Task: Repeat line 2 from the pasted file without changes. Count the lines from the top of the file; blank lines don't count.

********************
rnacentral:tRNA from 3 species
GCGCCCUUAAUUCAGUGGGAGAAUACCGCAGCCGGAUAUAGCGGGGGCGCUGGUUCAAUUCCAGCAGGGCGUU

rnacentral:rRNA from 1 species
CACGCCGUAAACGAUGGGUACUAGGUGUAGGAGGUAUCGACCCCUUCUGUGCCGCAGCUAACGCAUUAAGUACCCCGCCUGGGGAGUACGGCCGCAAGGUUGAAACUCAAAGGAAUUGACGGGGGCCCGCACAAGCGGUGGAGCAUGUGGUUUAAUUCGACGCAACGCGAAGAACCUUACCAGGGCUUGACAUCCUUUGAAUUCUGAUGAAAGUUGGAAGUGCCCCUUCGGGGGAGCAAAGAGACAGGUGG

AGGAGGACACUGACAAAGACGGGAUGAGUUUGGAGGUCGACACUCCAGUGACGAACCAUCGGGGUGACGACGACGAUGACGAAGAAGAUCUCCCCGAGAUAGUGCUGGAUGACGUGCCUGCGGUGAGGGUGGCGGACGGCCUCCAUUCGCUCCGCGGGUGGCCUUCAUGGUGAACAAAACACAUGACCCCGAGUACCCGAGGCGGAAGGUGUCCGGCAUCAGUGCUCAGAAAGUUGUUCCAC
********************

GCGCCCUUAAUUCAGUGGGAGAAUACCGCAGCCGGAUAUAGCGGGGGCGCUGGUUCAAUUCCAGCAGGGCGUU